Life and Style
Every minute of every day, Twitter is awash with anger as we seek to let these organisations know precisely what we think of them
techWhen it comes to vitriol, no one on attracts our ire more than big businesses offering bad service
Professor David Nutt wants to change the way gravely ill patients are treated in Britain
people Why does a former Government tsar believe that mind-altering drugs have a place on prescription?
Norway’s ‘The Nordland Line – Minute by Minute, Season by Season’ continues the trend of slow TV
Arts and Entertainment
Jonny Evans has pleaded not guilty to an FA charge for spitting at Papiss Cisse
Life and Style
Kate Moss will make a cameo appearance in David Walliams' The Boy in the Dress
The image released by the Salvation Army, using 'The Dress'
Liverpool defender Kolo Toure
football Defender could make history in the FA Cup, but African Cup of Nations win means he's already content
ebooksA special investigation by Andy McSmith
Latest stories from i100
Have you tried new the Independent Digital Edition apps?
Independent Dating

By clicking 'Search' you
are agreeing to our
Terms of Use.

iJobs Job Widget
iJobs Money & Business

Recruitment Genius: Customer Relations Officer

£13000 per annum: Recruitment Genius: This is an exciting opportunity to join ...

Ashdown Group: Junior Application Support Analyst - Fluent German Speaker

£25000 - £30000 per annum + benefits: Ashdown Group: A global leader operating...

Jemma Gent: Project Coordinator

£12 - £15 Hourly Rate: Jemma Gent: In this role you will report to the Head of...

Recruitment Genius: Evening Administrator

£8 per hour: Recruitment Genius: This Pension Specialist was established early...

Day In a Page

Homeless Veterans campaign: Donations hit record-breaking £1m target after £300,000 gift from Lloyds Bank

Homeless Veterans campaign

Donations hit record-breaking £1m target after huge gift from Lloyds Bank
Flight MH370 a year on: Lost without a trace – but the search goes on

Lost without a trace

But, a year on, the search continues for Flight MH370
Germany's spymasters left red-faced after thieves break into brand new secret service HQ and steal taps

Germany's spy HQ springs a leak

Thieves break into new €1.5bn complex... to steal taps
International Women's Day 2015: Celebrating the whirlwind wit of Simone de Beauvoir

Whirlwind wit of Simone de Beauvoir

Simone de Beauvoir's seminal feminist polemic, 'The Second Sex', has been published in short-form for International Women's Day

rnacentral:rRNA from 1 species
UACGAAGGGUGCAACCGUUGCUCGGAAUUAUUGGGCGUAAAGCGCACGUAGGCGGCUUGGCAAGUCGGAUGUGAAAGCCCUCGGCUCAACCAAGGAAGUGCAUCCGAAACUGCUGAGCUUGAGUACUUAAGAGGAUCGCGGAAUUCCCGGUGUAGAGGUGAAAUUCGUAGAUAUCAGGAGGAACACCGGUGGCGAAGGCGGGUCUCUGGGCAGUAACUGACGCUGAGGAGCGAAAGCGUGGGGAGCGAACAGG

Mark Zuckerberg’s hiring policy might suit him – but it wouldn’t work for me

Mark Zuckerberg’s hiring policy might suit him – but it wouldn’t work for me

Why would I want to employ someone I’d be happy to have as my boss, asks Simon Kelner
Confessions of a planespotter: With three Britons under arrest in the UAE, the perils have never been more apparent

Confessions of a planespotter

With three Britons under arrest in the UAE, the perils have never been more apparent. Sam Masters explains the appeal
Russia's gulag museum 'makes no mention' of Stalin's atrocities

Russia's gulag museum

Ministry of Culture-run site 'makes no mention' of Stalin's atrocities
The big fresh food con: Alarming truth behind the chocolate muffin that won't decay

The big fresh food con

Joanna Blythman reveals the alarming truth behind the chocolate muffin that won't decay
Virginia Ironside was my landlady: What is it like to live with an agony aunt on call 24/7?

Virginia Ironside was my landlady

Tim Willis reveals what it's like to live with an agony aunt on call 24/7
Paris Fashion Week 2015: The wit and wisdom of Manish Arora's exercise in high camp

Paris Fashion Week 2015

The wit and wisdom of Manish Arora's exercise in high camp
8 best workout DVDs

8 best workout DVDs

If your 'New Year new you' regime hasn’t lasted beyond February, why not try working out from home?
Paul Scholes column: I don't believe Jonny Evans was spitting at Papiss Cissé. It was a reflex. But what the Newcastle striker did next was horrible

Paul Scholes column

I don't believe Evans was spitting at Cissé. It was a reflex. But what the Newcastle striker did next was horrible
Miguel Layun interview: From the Azteca to Vicarage Road with a million followers

From the Azteca to Vicarage Road with a million followers

Miguel Layun is a star in Mexico where he was criticised for leaving to join Watford. But he says he sees the bigger picture
Frank Warren column: Amir Khan ready to meet winner of Floyd Mayweather v Manny Pacquiao

Khan ready to meet winner of Mayweather v Pacquiao

The Bolton fighter is unlikely to take on Kell Brook with two superstar opponents on the horizon, says Frank Warren
War with Isis: Iraq's government fights to win back Tikrit from militants - but then what?

Baghdad fights to win back Tikrit from Isis – but then what?

Patrick Cockburn reports from Kirkuk on a conflict which sectarianism has made intractable